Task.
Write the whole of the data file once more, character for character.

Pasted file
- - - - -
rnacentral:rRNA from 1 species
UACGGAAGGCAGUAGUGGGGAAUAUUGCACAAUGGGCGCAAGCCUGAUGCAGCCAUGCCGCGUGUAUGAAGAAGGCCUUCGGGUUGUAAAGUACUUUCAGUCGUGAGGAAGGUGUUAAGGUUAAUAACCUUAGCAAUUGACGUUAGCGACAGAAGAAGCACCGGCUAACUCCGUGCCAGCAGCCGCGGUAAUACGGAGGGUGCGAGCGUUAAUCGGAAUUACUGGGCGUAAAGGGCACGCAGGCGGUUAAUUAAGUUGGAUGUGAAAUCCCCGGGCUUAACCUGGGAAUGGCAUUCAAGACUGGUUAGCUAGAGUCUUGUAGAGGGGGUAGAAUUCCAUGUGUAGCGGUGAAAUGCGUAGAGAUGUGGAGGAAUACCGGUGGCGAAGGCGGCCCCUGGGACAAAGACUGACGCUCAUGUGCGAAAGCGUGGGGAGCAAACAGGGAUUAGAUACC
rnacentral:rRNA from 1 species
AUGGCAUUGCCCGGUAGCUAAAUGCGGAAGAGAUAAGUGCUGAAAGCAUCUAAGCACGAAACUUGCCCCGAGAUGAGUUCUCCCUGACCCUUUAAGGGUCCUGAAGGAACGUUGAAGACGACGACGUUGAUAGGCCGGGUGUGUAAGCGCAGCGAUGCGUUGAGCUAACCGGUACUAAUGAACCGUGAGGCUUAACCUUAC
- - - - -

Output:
rnacentral:rRNA from 1 species
UACGGAAGGCAGUAGUGGGGAAUAUUGCACAAUGGGCGCAAGCCUGAUGCAGCCAUGCCGCGUGUAUGAAGAAGGCCUUCGGGUUGUAAAGUACUUUCAGUCGUGAGGAAGGUGUUAAGGUUAAUAACCUUAGCAAUUGACGUUAGCGACAGAAGAAGCACCGGCUAACUCCGUGCCAGCAGCCGCGGUAAUACGGAGGGUGCGAGCGUUAAUCGGAAUUACUGGGCGUAAAGGGCACGCAGGCGGUUAAUUAAGUUGGAUGUGAAAUCCCCGGGCUUAACCUGGGAAUGGCAUUCAAGACUGGUUAGCUAGAGUCUUGUAGAGGGGGUAGAAUUCCAUGUGUAGCGGUGAAAUGCGUAGAGAUGUGGAGGAAUACCGGUGGCGAAGGCGGCCCCUGGGACAAAGACUGACGCUCAUGUGCGAAAGCGUGGGGAGCAAACAGGGAUUAGAUACC
rnacentral:rRNA from 1 species
AUGGCAUUGCCCGGUAGCUAAAUGCGGAAGAGAUAAGUGCUGAAAGCAUCUAAGCACGAAACUUGCCCCGAGAUGAGUUCUCCCUGACCCUUUAAGGGUCCUGAAGGAACGUUGAAGACGACGACGUUGAUAGGCCGGGUGUGUAAGCGCAGCGAUGCGUUGAGCUAACCGGUACUAAUGAACCGUGAGGCUUAACCUUAC